Carles M. Hendrix, August 2008/by VS
Carles M. Hendrix, DVM, PhD
School of Veterinary Medicine Keynote Speaker – August 15, 2008
Immediate Past Vice President, American Veterinary Medical Association
Members of the Class of 2012, spouses, families, and significant loved ones, distinguished Saint George’s University colleagues and staff, and invited guests. Good evening. As a faculty member visiting from Auburn University (and as the Immediate Past Vice President of the American Veterinary Medical Association), it gives me great pleasure to deliver this white coat address to the entering Class of 2012, Saint George’s University School of Veterinary Medicine. This is truly an honor for me – more than you will ever know. Over the past 42 years (since graduating from high school), I have attended many ceremonies and numerous graduation commencements and have listened to a lot of speeches (By the way, this is my first – and probably last – white coat address). But I must honestly admit – usually after the ceremony or presentation is over, I seldom can remember what the speech is even about! I hope that this will not happen to you today; I sincerely do hope that each and every member of tonight’s audience will remember the main points of my message and will hold onto that message for many years to come (especially during your matriculation while here at SGU and while you are undergoing your clinical experiences throughout at S/CVMs throughout North America).
The main theme of my address is taken from a quotation by Ralph Waldo Emerson (1803 – 1882, American author, essayist, philosopher, and poet) – Emerson’s quotation will be our first take home message for the evening – a quotation concerning life’s unknown journey. “What lies behind us and what lies before us are tiny matters compared to what lies within us.”
“What lies behind us?” “What lies behind the entering Class of 2012?”
I would like to remind the Class of 2012 to look into the past few years to remind yourselves of the great amount of time and preparation you have undertaken to get here to the veterinary program at SGU. You have taken and excelled in organic chemistry, physics, animal science, English composition, mathematics and a myriad of other required courses and electives. To get to this point in time, I am sure that you worked for some outstanding veterinarians – men and women. You have made multiple applications to schools and colleges of veterinary medicine across the United States and Canada and the Caribbean and have ended up here at Saint George’s. Many of you have flown on LIAT airlines – now that is a life journey itself. I am sure that you realize that this has been a very LONG HAUL! You have paid a dear price in time, energy, and money to begin your veterinary career – and I want you to UNDERSTAND that you WILL come to know these next 4 years at SGU’s veterinary school as the “happiest times of your life.” Believe me – you will forget whatever you think was bad or “unjust” – and you will remember and cherish ONLY what was good and fair! But more than remembering just the upcoming 4 years, I would like for you to remember our profession’s proud history – the preceding 100 years and the OUTSTANDING men and women who have preceded you and served or are serving society!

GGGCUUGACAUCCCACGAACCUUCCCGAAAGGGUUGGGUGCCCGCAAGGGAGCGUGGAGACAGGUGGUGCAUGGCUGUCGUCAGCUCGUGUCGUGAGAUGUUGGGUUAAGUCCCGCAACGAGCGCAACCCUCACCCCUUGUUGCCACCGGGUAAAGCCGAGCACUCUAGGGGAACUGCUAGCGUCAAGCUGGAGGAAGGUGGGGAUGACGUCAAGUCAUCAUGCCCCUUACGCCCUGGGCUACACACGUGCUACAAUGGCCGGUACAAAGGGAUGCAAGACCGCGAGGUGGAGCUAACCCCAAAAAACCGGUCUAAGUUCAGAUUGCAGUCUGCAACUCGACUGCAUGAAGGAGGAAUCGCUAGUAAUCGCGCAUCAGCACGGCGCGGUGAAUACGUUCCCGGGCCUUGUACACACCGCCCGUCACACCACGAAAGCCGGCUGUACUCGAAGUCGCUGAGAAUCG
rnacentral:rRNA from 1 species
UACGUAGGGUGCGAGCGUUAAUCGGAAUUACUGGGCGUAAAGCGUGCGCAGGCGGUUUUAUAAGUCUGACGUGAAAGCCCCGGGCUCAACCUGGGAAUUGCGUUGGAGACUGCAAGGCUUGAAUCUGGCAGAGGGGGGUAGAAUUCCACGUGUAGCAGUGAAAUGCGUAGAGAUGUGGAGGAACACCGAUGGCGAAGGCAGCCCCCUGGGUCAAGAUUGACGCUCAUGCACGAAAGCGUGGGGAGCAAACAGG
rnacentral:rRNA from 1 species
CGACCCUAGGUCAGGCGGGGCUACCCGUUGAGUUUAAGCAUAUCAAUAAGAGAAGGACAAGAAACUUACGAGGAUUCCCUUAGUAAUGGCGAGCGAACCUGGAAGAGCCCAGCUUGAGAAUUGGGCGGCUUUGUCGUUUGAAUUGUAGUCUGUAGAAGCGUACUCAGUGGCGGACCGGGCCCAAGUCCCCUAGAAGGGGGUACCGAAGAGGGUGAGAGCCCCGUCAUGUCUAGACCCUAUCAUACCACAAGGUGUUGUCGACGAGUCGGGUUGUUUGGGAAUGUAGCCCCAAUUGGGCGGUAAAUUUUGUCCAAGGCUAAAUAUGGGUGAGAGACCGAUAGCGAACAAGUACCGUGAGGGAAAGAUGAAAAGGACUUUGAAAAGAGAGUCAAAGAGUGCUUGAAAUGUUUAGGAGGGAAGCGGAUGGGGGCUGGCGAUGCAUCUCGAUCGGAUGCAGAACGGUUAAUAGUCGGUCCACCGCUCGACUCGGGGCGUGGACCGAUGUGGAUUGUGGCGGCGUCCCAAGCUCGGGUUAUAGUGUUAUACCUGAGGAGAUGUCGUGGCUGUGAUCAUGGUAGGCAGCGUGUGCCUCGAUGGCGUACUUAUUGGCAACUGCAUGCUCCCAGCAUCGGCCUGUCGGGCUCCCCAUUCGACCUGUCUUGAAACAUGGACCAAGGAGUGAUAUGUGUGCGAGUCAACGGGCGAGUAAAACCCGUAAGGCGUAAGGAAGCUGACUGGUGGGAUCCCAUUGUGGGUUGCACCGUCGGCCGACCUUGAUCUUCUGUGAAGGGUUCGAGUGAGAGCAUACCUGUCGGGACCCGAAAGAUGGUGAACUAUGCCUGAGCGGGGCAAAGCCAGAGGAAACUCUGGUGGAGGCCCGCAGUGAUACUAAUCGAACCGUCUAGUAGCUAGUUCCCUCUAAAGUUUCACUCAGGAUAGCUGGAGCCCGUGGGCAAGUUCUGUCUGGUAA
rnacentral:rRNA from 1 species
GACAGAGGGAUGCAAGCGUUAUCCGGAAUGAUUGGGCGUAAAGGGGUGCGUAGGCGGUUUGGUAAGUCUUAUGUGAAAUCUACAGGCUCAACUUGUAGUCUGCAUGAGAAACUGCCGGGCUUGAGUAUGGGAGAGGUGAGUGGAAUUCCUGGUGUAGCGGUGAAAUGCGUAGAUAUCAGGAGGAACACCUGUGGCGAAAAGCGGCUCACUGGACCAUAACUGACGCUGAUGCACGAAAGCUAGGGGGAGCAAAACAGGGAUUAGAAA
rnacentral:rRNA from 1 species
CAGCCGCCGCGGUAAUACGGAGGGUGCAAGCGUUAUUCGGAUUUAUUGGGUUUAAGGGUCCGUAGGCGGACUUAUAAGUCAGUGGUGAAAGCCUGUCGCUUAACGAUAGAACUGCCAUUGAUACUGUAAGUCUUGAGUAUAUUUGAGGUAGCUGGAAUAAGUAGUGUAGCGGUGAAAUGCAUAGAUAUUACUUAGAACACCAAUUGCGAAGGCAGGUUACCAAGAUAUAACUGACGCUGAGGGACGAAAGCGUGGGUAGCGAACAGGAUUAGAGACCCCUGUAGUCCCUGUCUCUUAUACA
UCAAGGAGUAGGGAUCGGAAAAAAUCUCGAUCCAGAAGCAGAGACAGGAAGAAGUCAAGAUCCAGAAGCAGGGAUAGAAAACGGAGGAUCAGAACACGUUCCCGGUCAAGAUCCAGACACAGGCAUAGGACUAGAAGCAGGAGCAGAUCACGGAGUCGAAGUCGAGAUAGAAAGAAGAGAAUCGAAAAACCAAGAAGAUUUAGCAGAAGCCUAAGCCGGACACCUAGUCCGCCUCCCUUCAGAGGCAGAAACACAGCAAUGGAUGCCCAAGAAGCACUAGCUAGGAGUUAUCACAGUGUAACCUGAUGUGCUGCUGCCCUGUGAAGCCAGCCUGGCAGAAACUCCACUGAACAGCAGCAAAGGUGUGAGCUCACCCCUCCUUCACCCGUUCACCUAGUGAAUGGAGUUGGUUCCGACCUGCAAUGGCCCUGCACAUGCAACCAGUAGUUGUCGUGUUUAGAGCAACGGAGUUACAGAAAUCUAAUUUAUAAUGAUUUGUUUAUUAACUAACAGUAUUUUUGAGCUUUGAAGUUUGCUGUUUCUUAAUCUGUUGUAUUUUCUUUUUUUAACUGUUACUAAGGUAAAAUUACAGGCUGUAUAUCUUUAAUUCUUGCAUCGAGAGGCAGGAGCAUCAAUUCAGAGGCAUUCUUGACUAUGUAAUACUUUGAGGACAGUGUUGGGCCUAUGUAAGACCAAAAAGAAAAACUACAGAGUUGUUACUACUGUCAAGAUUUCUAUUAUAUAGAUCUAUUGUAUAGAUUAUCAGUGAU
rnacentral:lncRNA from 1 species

What REALLY lies behind us as members of the veterinary profession and members of the SGU veterinary family? The answer to that question is a long, proud history of veterinary medicine in the United States. Let’s go back to 1907 and see how far our profession has come over the last 100 years. [PAUSE]
“What lies behind us?” The past 100 years. Since your veterinary school was founded in 1999, you haven’t been in the business of producing veterinarians for a long period. Next year, my school, Auburn University – 2009 marks 100 years of producing veterinary graduates.